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Real Sprinting: here’s how to do it!

By Jennifer Sage On April 12, 2012 Under Form and Technique, Outdoor Cycling

Sprinting in Spinning

This is good timing – Bicycling magazine had a post yesterday on How to Sprint Like You Mean It. A few days ago I posted a link to Clair Cafaro’s post asking why many indoor cycling instructors turn DOWN the resistance to sprint, which is the opposite of what should be done if you want to, you know….sprint!

Here are a few quotes from this Bicycling magazine article with advice from World Cup mountain bike racer (and Olympic hopeful) Willow Rockwell. These quotes emphasize the importance of having a fair amount of resistance (gear) and going all out.

When inserting sprinting into her training, Rockwell says:

If there’s a small hill, I just stand up and hammer to the top.

In cycling lingo, “hammer” means to give it everything you got. As in, go all out until it hurts. And if she’s going uphill, she’s got a lot of resistance (gravity). That means one thing: Ouch.

In this paragraph, she describes the need to shift UP to a bigger gear. Indoors, that translates to more resistance, not less.

That means finding the right gear—not so tough that your leg speed drops dramatically, but not so easy that you end up flailing before the finish. Generally speaking, that means quickly shifting up two or three cogs, hitting the lockout on your fork, then standing up and going for it. “Then it’s time to dig in,” Rockwell says. “Commit to go as fast as you can go.”

I think sometimes indoors, instructors and/or students interpret “going as fast as you can go” to legs churning like a roadrunner. But remember, just having fast legs doesn’t mean the bike is moving fast. A cyclist with too low a gear with super high cadence trying to sprint will be dropped in a nanosecond by other cyclists with a bigger gear and lower cadence. Real speed is a combination of gear and cadence. It means power. You can’t have power without resistance.

A real sprint is painful!

Rockwell says it like it is (emphasis mine):

There’s no good way to say it: A good finish sprint hurts. “When you do sprint, you need to commit 110-percent,” Rockwell says. “Don’t think, ‘Oh, I went too soon,’ just go. Yes, you’ll feel like you’re going to die but that’s part of the experience. Who cares, the end is right there. It will be over before you know it.”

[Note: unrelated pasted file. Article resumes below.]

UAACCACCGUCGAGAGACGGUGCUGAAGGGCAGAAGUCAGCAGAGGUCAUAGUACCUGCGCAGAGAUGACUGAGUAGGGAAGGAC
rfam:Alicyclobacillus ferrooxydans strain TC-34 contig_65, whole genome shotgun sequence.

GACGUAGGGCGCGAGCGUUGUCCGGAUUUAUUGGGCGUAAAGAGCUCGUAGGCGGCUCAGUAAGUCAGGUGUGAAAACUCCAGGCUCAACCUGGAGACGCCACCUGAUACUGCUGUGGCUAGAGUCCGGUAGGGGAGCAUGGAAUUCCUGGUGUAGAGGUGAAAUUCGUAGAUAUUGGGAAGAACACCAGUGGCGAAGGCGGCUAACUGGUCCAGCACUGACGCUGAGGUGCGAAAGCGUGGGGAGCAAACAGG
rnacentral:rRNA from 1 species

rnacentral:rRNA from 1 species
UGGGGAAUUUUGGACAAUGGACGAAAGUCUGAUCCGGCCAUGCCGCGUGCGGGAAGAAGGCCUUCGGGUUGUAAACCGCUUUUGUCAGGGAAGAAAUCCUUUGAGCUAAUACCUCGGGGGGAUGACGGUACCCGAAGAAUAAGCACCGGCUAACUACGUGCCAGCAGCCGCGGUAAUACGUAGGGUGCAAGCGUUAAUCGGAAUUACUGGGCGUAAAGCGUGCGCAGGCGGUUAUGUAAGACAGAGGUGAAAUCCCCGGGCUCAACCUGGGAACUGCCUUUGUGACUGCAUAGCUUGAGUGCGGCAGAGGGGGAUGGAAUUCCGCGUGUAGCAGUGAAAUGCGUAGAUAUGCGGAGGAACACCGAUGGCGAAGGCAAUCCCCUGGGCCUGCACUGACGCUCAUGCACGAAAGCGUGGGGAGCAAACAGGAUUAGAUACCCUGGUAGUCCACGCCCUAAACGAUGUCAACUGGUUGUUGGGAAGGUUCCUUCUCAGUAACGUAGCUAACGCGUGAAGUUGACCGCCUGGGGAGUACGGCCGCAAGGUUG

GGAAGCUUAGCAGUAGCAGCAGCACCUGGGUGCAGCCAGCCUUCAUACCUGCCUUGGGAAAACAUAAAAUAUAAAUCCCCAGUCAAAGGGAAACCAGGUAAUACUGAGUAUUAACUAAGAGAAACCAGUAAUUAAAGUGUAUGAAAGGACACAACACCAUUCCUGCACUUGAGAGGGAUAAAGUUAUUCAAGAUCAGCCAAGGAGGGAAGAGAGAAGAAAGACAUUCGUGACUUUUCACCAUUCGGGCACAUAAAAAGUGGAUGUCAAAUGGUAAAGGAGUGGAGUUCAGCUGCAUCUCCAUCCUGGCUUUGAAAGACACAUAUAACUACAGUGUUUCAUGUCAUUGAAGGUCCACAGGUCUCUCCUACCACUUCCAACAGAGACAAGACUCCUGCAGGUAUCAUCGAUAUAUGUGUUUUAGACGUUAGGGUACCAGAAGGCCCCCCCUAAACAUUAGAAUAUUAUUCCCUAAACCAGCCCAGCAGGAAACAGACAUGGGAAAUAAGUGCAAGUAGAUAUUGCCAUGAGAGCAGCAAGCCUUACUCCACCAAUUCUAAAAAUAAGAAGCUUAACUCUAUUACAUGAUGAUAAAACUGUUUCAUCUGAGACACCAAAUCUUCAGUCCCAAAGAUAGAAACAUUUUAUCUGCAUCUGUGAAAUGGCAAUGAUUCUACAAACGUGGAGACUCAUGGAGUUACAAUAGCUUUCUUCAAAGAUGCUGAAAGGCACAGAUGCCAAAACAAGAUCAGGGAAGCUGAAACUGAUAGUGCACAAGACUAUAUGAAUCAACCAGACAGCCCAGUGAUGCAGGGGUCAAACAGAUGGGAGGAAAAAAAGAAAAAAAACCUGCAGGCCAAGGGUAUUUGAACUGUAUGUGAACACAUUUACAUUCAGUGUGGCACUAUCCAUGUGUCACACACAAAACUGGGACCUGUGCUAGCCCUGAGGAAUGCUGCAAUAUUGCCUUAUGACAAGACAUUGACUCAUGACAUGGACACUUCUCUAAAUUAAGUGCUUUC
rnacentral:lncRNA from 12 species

Yes, who cares – it’s only 10-15 seconds! You won’t die, but in that moment, you will feel like it.

So when you sprint in your classes, sprint like you mean it and keep it real!

4 Comments Add yours

  1. Shayne
    April 13, 2012
    2:12 am #comment-1

    Great post Jennifer. Sorry that you’re still having to make this point in 2012.

    Did I tell you about the time I saw Johnny G at a fitness expo, bare feet and 140++rpm on the ye olde spinner from schwinn? The man understood performance (as in Barnhamesque showman) but appeared to mix up the message around performance (as in make-bike-go-fast). Still, gotta love him…

    P.S. How do you commit 110%. Athletes and coaches are forver talking about about this number.

  2. Michael
    April 16, 2012
    2:30 pm #comment-2

    Great Post…

    I stopped using the term sprinting in my classes years ago, due to the connotation that you’re just pedaling fast. I tend to use “break away” and “hammer”. I coach that in a break away cyclists are after maximum power, which is a combination of RESISTANCE and petal speed.

    And yes, even to this day I still see “bouncing booties” indicating very little resistance on the bike…

  3. Jennifer Sage
    April 16, 2012
    4:59 pm #comment-3

    Michael, I’m like you, I hardly ever use the word “sprint”, but when I do, I teach them a REAL sprint! That’s maybe 3-4 times a year. The rest of the time, we “hammer” or “attack” as you do. But many times, those can be longer than 15 seconds – so it’s more like a true anaerobic capacity effort than an explosive power sprint. And they hurt like hell, too! 😉

  4. Barry
    May 2, 2014
    7:43 am #comment-4

    Yes as far as I am concerned a sprint is pedal fast against resistance for a short period. You certainly do not see Mark Cavendish change to the small chain ring on the front and large sprocket on the back for a final sprint otherwise he would go nowhere fast. Get some resistance and then pedal fast that way your legs truly workout rather than the bike fixed wheel turning your legs and hips wobbling all over the place

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